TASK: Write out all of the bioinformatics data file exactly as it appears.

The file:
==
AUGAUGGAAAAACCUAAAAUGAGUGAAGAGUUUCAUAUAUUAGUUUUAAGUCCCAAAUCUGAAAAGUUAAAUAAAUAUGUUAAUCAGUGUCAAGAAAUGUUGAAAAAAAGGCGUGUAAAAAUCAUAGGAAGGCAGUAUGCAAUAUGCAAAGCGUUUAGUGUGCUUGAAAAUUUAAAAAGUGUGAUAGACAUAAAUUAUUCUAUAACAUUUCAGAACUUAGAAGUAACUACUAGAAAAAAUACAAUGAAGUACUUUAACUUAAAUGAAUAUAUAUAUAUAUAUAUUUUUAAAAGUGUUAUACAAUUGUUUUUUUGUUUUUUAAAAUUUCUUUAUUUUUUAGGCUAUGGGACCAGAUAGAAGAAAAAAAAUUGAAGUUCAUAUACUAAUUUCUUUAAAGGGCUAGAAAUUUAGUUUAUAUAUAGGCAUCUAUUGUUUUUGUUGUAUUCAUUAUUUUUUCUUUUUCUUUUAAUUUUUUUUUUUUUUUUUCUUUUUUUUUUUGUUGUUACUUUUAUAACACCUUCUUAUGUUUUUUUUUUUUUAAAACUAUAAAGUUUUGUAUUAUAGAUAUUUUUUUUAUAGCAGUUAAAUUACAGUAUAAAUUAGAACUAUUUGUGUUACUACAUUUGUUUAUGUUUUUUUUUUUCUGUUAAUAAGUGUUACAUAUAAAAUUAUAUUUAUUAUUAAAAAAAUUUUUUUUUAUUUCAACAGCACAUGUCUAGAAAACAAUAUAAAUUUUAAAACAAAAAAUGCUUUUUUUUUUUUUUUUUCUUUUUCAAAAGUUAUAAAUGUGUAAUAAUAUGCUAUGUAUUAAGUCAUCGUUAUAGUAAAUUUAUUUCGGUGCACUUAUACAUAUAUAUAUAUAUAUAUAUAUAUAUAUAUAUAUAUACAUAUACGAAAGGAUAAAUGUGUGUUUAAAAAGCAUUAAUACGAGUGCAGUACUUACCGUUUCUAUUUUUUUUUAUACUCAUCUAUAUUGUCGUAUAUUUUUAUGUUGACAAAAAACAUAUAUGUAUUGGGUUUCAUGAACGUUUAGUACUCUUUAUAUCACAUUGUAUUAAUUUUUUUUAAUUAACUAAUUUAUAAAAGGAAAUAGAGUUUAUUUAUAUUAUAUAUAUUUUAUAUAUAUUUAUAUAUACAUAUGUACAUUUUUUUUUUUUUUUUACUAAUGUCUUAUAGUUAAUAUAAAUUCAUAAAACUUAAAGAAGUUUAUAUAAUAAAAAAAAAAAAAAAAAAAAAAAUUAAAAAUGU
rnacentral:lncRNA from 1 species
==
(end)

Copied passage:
AUGAUGGAAAAACCUAAAAUGAGUGAAGAGUUUCAUAUAUUAGUUUUAAGUCCCAAAUCUGAAAAGUUAAAUAAAUAUGUUAAUCAGUGUCAAGAAAUGUUGAAAAAAAGGCGUGUAAAAAUCAUAGGAAGGCAGUAUGCAAUAUGCAAAGCGUUUAGUGUGCUUGAAAAUUUAAAAAGUGUGAUAGACAUAAAUUAUUCUAUAACAUUUCAGAACUUAGAAGUAACUACUAGAAAAAAUACAAUGAAGUACUUUAACUUAAAUGAAUAUAUAUAUAUAUAUAUUUUUAAAAGUGUUAUACAAUUGUUUUUUUGUUUUUUAAAAUUUCUUUAUUUUUUAGGCUAUGGGACCAGAUAGAAGAAAAAAAAUUGAAGUUCAUAUACUAAUUUCUUUAAAGGGCUAGAAAUUUAGUUUAUAUAUAGGCAUCUAUUGUUUUUGUUGUAUUCAUUAUUUUUUCUUUUUCUUUUAAUUUUUUUUUUUUUUUUUCUUUUUUUUUUUGUUGUUACUUUUAUAACACCUUCUUAUGUUUUUUUUUUUUUAAAACUAUAAAGUUUUGUAUUAUAGAUAUUUUUUUUAUAGCAGUUAAAUUACAGUAUAAAUUAGAACUAUUUGUGUUACUACAUUUGUUUAUGUUUUUUUUUUUCUGUUAAUAAGUGUUACAUAUAAAAUUAUAUUUAUUAUUAAAAAAAUUUUUUUUUAUUUCAACAGCACAUGUCUAGAAAACAAUAUAAAUUUUAAAACAAAAAAUGCUUUUUUUUUUUUUUUUUCUUUUUCAAAAGUUAUAAAUGUGUAAUAAUAUGCUAUGUAUUAAGUCAUCGUUAUAGUAAAUUUAUUUCGGUGCACUUAUACAUAUAUAUAUAUAUAUAUAUAUAUAUAUAUAUAUAUACAUAUACGAAAGGAUAAAUGUGUGUUUAAAAAGCAUUAAUACGAGUGCAGUACUUACCGUUUCUAUUUUUUUUUAUACUCAUCUAUAUUGUCGUAUAUUUUUAUGUUGACAAAAAACAUAUAUGUAUUGGGUUUCAUGAACGUUUAGUACUCUUUAUAUCACAUUGUAUUAAUUUUUUUUAAUUAACUAAUUUAUAAAAGGAAAUAGAGUUUAUUUAUAUUAUAUAUAUUUUAUAUAUAUUUAUAUAUACAUAUGUACAUUUUUUUUUUUUUUUUACUAAUGUCUUAUAGUUAAUAUAAAUUCAUAAAACUUAAAGAAGUUUAUAUAAUAAAAAAAAAAAAAAAAAAAAAAAUUAAAAAUGU
rnacentral:lncRNA from 1 species